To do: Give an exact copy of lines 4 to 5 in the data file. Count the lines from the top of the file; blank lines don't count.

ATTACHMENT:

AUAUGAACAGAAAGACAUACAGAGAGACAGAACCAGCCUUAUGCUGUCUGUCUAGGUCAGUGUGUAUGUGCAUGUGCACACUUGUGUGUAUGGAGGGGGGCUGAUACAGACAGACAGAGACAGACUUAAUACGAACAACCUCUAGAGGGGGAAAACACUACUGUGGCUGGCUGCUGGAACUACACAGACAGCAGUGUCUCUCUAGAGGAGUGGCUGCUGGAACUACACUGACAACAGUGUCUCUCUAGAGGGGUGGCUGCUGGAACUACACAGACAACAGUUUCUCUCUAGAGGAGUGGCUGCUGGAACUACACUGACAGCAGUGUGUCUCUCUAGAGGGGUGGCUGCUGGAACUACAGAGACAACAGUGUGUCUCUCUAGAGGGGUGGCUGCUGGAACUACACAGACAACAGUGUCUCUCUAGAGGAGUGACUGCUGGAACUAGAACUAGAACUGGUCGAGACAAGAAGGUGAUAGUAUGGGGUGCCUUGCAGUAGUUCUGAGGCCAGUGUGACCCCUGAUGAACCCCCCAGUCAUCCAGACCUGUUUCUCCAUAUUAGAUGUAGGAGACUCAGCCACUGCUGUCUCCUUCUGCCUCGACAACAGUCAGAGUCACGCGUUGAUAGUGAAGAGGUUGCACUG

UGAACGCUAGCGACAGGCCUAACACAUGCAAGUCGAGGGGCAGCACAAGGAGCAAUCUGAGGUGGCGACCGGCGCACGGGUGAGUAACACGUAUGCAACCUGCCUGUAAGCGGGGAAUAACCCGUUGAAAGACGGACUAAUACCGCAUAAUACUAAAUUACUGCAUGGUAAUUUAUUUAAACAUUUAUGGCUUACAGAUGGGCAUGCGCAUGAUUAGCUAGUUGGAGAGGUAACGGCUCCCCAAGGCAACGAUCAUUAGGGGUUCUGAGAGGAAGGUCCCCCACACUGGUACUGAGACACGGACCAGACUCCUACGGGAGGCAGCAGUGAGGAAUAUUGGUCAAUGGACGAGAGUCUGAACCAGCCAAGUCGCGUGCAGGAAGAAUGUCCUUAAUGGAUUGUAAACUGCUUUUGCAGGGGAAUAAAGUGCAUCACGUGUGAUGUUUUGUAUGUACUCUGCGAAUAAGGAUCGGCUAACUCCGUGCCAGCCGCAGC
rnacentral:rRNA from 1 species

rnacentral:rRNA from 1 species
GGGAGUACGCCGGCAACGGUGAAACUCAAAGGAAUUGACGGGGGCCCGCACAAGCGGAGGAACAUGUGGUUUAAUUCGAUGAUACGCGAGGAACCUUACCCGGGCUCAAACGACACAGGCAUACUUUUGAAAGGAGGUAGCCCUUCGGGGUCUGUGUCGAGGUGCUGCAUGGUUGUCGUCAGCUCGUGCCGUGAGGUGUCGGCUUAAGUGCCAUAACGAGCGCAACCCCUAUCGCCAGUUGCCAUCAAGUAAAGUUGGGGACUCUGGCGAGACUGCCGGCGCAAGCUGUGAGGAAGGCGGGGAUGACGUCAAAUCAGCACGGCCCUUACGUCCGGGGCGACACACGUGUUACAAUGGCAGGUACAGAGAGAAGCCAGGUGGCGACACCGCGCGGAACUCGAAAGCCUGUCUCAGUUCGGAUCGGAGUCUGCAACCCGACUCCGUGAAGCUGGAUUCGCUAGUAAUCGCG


rnacentral:rRNA from 1 species
GGGAGUACGCCGGCAACGGUGAAACUCAAAGGAAUUGACGGGGGCCCGCACAAGCGGAGGAACAUGUGGUUUAAUUCGAUGAUACGCGAGGAACCUUACCCGGGCUCAAACGACACAGGCAUACUUUUGAAAGGAGGUAGCCCUUCGGGGUCUGUGUCGAGGUGCUGCAUGGUUGUCGUCAGCUCGUGCCGUGAGGUGUCGGCUUAAGUGCCAUAACGAGCGCAACCCCUAUCGCCAGUUGCCAUCAAGUAAAGUUGGGGACUCUGGCGAGACUGCCGGCGCAAGCUGUGAGGAAGGCGGGGAUGACGUCAAAUCAGCACGGCCCUUACGUCCGGGGCGACACACGUGUUACAAUGGCAGGUACAGAGAGAAGCCAGGUGGCGACACCGCGCGGAACUCGAAAGCCUGUCUCAGUUCGGAUCGGAGUCUGCAACCCGACUCCGUGAAGCUGGAUUCGCUAGUAAUCGCG